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Come Back, Errol Flynn

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Holy Rollers fuses a somber, old-world palette with a jittery urban unease—a good mix of tones. It’s also wonderfully acted. Eisenberg is peerless at playing man-boys who overintellectualize and fall over their own feet. Bartha is irresistibly good-bad company. The problem is that Asch depicts Sam’s situation as either/or—i.e., a choice between reading Torah and making babies or smuggling drugs and going to jail. The film never raises the sure-to-ruffle-feathers question of how fundamentalist outsider cultures sometimes foster secrecy and deception. It’s too holy in its certainties, like those fifties sex-ed films where you don’t listen to Dad and wind up with chlamydia.

Solitary Man is another routine morality play, this time the aging-Lothario-gets-his-comeuppance number. But it’s smoothly written and smartly paced, and Michael Douglas is riveting. Douglas has had, at various times, a horndog reputation, he’s the son of a legendary world-beating horndog, and something in his dimpled chin-smirk will always signal “I get more than a toilet seat.” As felonious car dealer Ben Kalmen, he uses his star vanity to generate an amazing amount of sympathy for this incorrigible lech—especially when the younger actors gaze on him with pity and contempt and we think, “Hey, he’s not so bad … ” Among the supporting actors who worship Douglas, even as they feign contempt, Olivia Thirlby is especially eloquent. Jesse Eisenberg (yes, again) plays the gawky kid Douglas tutors in the art of the pickup—a role he first played in Roger Dodger. But his excellent final scenes, after his character has gotten laid, suggest there’s life for this fine young actor after virginity.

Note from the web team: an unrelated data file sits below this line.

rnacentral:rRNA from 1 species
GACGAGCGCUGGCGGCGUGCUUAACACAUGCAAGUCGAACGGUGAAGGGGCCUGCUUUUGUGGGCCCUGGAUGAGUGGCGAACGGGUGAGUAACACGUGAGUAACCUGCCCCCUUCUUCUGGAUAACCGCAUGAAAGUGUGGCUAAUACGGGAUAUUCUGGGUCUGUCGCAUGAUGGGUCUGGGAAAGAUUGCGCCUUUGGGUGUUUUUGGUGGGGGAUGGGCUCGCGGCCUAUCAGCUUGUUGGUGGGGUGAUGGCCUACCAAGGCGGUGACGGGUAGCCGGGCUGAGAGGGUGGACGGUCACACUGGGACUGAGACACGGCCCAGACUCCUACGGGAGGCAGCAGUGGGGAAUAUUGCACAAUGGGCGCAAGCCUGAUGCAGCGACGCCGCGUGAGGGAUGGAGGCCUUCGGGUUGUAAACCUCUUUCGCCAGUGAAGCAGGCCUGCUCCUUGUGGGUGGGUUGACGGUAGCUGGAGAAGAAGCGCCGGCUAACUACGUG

* Several readers have brought it forcefully to my attention that the word "squaw" is not a quaint residue of old Westerns as I had thought but an offensive slur, both racially and sexually charged. I apologize for its use in the above description.

Robin Hood
Universal Pictures. PG-13.

Holy Rollers
First Independent Pictures. R.

Solitary Man
Anchor Bay Films. R.

E-mail: filmcritic@newyorkmag.com.


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